Mr Cable said: ‘Disputes in the workplace cost time and money, can affect morale, reduce productivity and hold back businesses. ‘We often hear that knife-edge decisions about whether to hire new staff can be swung by concerns about ending up in an employment tribunal if things don’t work out. Today’s proposals address these concerns and should help give employers more confidence.’
John Cridland, head of the CBI, said: ‘It is in everyone’s interests that disputes are resolved swiftly and fairly. Introducing an element of charging would help weed out weak and vexatious claims, clearing the way for more deserving cases to be heard.’
But TUC General Secretary Brendan Barber said: ‘While employer groups complain that tribunals are costing them too much, they have lost sight of the fact that if firms treated their staff fairly, few would ever find themselves taken to court.’
The greatest increase in claims has come under EU legislation. Numbers of cases involving the European Working Time Directive - which limits the working week to 48 hours - almost quadrupled last year from 24,000 to 95,200. Numbers of race discrimination claims have gone up by nearly 40 per cent in two years to reach 5,700 last year.
The false rape claims come thick and fast in England
One yesterday, another today
A middle-aged council chief executive told of his nine-month nightmare yesterday after being cleared of rape. Byron Davies, 52, was accused by a married 26-year-old who worked for the same council of having sex with her when she was too drunk to give proper consent.
He insisted she had targeted him in a bar, had behaved in a ‘flirtatious’ manner and had not been that drunk, despite the strong lagers he had bought her.
After being cleared in just over an hour, the £100,000-a-year divorcee said the case should never have been brought and that he was considering legal action over detectives’ ‘lazy’ handling of the investigation.
The trial, which revolved around a one-night-stand at the father of two’s apartment, comes amid debate over whether men accused of rape should be granted anonymity, like their alleged victims.
Mr Davies, who remains suspended from his job as chief executive of Conwy County Borough Council in North Wales, said he was devastated and angry that he had been accused. ‘Obviously I am absolutely delighted and thrilled with the decision that has been reached today,’ he added. He had ‘an element of sympathy’ for his accuser, and said ‘she may require some kind of psychiatric help’.
Mr Davies said he had been eating by himself at a hotel in Conwy after work on March 23 last year when the woman began staring at him then approached him, asking if he was Byron Davies.
A council employee, she had spent the evening drinking with a male friend. Mr Davies admitted he had been flattered by the attention of an attractive woman half his age and bought her at least two lagers. He claimed she had asked for his help in moving to a new job at the council, to which he had replied that he could not help.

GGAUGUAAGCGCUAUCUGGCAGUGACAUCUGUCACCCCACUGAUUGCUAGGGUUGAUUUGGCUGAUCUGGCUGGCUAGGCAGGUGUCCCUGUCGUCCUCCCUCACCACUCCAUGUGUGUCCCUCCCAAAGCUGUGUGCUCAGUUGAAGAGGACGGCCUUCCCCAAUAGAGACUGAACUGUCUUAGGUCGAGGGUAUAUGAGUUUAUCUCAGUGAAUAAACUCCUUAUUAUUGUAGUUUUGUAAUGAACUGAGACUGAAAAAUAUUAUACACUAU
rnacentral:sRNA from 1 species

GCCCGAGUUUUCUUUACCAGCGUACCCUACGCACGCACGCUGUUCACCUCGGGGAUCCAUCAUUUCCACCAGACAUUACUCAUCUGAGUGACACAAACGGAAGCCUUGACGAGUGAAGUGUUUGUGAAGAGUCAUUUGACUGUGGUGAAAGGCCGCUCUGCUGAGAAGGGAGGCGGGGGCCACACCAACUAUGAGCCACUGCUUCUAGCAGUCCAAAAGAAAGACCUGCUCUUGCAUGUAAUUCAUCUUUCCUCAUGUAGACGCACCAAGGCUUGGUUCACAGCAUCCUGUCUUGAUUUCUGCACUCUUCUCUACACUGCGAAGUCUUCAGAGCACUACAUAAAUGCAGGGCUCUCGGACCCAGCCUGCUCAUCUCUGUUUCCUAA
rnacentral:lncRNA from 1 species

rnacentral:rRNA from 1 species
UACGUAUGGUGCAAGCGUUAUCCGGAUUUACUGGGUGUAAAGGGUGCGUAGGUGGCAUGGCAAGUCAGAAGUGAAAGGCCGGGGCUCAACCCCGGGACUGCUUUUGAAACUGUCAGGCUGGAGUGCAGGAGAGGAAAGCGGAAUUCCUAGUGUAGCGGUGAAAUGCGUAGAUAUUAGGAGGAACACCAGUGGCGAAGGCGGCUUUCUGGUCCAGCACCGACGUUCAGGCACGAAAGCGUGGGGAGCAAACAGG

He denied she was drunk and said she had repeatedly asked him if he had a room at the hotel. Mr Davies told the jury he had begun to leave for home, but she told him she was ‘always on my own’ so in the end he offered to drive her back to his flat.
He said he had asked her if she wanted to go to bed, even though he had been anxious and nervous about having sex with her. At about six o’clock the following morning, Mr Davies said he got up for work, waking the woman with difficulty. He denied asking her for ‘a quick one’ but offered her a lift home and claimed she said she would rather walk. ‘Not very gentlemanly, it was a one-night stand and I apologise for that,’ he told the court.
But he added: ‘There is no doubt in my mind she targeted me. She knew my name, she sought out my company.’
The prosecution argued that the woman was so drunk that she could not properly consent to sex.
She described herself as ‘happily married’ and said she didn’t remember much about going back to his flat, but said: ‘He kept grabbing me and I told him “I am a married woman, I am not interested”,’ she told police. ‘Why on earth would I want to kiss him? He’s late 40s, early 50s.’ But under cross-examination at Mold Crown Court she was accused of being ‘a wilful person, who lacks judgement, who is impulsive and capable of hurting people if you want to’.
She admitted once cutting her own throat after an argument with her husband but blamed it on a short period of instability.
Judge Niclas Parry told Mr Davies he was discharged with his good character ‘very much intact’.
Last night the council said it had appointed an independent QC to oversee ‘a disciplinary investigation into matters relating to the arrest’. It is understood Mr Davies may be asked to leave his post in return for a substantial pay-off.
Political correctness is most pervasive in universities and colleges but I rarely report the incidents concerned here as I have a separate blog for educational matters.
American "liberals" often deny being Leftists and say that they are very different from the Communist rulers of other countries. The only real difference, however, is how much power they have. In America, their power is limited by democracy. To see what they WOULD be like with more power, look at where they ARE already very powerful: in America's educational system -- particularly in the universities and colleges. They show there the same respect for free-speech and political diversity that Stalin did: None. So look to the colleges to see what the whole country would be like if "liberals" had their way. It would be a dictatorship.
For more postings from me, see TONGUE-TIED, GREENIE WATCH, EDUCATION WATCH INTERNATIONAL, FOOD & HEALTH SKEPTIC, GUN WATCH, AUSTRALIAN POLITICS, DISSECTING LEFTISM, IMMIGRATION WATCH INTERNATIONAL and EYE ON BRITAIN (Note that EYE ON BRITAIN has regular posts on the reality of socialized medicine). My Home Pages are here or here or here or Email me (John Ray) here. For readers in China or for times when blogger.com is playing up, there is a mirror of this site here.